Indonesian Woman 'Kept as Virtual Slave' in Brighton Returns Home

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Human TraffickingRehabilitation & LiberationSurvivor Stories

An Indonesian who was enslaved by a family in Brighton for nearly two decades has finally been able to return to Indonesia after being rescued by the Metropolitan police’s modern slavery unit.

Parinah Iksan Binti Dullah, 50, left her home in Central Java in 1999 to become a domestic worker in Saudi Arabia. While at first she was able to keep in touch with her family, once her employer moved to the UK — and brought her along — they became abusive.

She was banned from leaving the house unaccompanied and did not receive a salary for 18 years aside from a one-time payment of £1,000. Dullah pleaded with her employer to be paid and let her return home, but her employer merely said the money was in the bank and that she would go home “later.”

The Guardian reports that Dullah hopes others will learn from her plight:

“Hopefully my case can be an example for other female migrant workers. They must be careful, they must be vigilant if they want to go home and their employer says ‘later’,” Tempo.co reported her as saying. “Everything must be clear. Do not be like me.”

Dullah says she managed to sneak out of the house alone in January and send a letter of distress to her family. Before receiving the correspondence, her relatives in Java had not heard from her since 2005.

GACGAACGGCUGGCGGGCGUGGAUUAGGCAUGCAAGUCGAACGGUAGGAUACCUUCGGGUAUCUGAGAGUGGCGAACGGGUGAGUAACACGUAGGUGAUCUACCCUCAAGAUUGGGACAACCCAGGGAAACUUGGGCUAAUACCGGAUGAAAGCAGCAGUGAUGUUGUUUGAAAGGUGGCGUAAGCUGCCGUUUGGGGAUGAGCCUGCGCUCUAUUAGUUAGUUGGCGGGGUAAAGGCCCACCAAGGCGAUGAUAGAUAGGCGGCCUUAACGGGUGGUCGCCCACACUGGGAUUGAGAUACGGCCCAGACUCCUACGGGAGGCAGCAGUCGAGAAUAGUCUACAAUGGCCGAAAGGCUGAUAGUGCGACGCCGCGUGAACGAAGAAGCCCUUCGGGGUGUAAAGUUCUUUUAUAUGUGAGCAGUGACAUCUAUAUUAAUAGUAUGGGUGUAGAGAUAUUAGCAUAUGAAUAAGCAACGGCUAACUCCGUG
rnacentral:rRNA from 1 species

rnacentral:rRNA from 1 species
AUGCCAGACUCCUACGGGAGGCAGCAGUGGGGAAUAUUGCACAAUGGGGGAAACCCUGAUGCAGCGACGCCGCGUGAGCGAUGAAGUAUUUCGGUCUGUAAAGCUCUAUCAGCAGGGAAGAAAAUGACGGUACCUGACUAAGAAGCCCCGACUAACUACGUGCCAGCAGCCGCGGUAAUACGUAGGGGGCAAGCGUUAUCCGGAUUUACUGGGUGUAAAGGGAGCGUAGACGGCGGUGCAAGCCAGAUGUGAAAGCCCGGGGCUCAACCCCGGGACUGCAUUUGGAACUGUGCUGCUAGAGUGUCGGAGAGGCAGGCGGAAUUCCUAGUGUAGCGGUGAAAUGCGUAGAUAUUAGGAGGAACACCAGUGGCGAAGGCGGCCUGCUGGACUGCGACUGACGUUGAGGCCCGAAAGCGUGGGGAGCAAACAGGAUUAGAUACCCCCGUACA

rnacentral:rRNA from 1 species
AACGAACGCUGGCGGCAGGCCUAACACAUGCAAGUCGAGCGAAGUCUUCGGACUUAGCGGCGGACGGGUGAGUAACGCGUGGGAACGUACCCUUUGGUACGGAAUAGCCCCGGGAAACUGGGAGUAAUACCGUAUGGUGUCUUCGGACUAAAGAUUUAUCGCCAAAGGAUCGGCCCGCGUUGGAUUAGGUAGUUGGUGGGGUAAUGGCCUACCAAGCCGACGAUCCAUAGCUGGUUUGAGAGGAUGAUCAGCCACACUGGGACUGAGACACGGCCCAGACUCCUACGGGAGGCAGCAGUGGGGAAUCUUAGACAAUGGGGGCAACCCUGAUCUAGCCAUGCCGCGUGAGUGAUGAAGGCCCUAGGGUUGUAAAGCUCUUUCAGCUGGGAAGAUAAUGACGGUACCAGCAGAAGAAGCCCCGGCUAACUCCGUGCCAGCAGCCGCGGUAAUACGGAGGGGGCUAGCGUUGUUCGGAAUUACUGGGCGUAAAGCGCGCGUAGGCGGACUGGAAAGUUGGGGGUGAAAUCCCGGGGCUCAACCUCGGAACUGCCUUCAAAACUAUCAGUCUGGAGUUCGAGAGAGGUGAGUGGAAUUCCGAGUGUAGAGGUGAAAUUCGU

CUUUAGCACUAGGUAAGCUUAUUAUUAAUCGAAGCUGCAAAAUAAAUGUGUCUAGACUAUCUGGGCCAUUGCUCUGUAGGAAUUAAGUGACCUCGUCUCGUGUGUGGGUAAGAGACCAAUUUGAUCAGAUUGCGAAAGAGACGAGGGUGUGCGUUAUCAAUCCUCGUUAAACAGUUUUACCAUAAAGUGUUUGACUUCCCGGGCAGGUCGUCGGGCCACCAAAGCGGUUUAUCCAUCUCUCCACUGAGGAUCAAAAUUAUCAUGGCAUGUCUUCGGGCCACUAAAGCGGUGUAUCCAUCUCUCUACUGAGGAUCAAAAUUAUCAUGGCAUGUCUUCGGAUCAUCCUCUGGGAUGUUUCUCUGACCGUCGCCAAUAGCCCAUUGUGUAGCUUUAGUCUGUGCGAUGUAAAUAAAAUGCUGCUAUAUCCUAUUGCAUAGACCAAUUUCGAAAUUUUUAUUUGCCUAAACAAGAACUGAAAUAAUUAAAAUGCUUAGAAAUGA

Her family took their concerns to the Indonesian authorities, which later informed the Indonesian embassy in London.

When the embassy contacted the family holding Dullah, they are said to have refused to release her, prompting them to contact the Met’s modern slavery unit, which picked her up in Brighton this month.

Dullah’s three children wept upon seeing their mother again for the first time in nearly 20 years.

Her former employer, a Middle Eastern family in Brighton, are now being held by police in the UK.

Anis Hidayah, from Indonesian NGO Migrant Care, stressed that there needs to be better government monitoring systems in place to recognize when migrant workers are in danger.

“If there is no information from a migrant worker for more than a month, a report should be made so we don’t have cases like this.”

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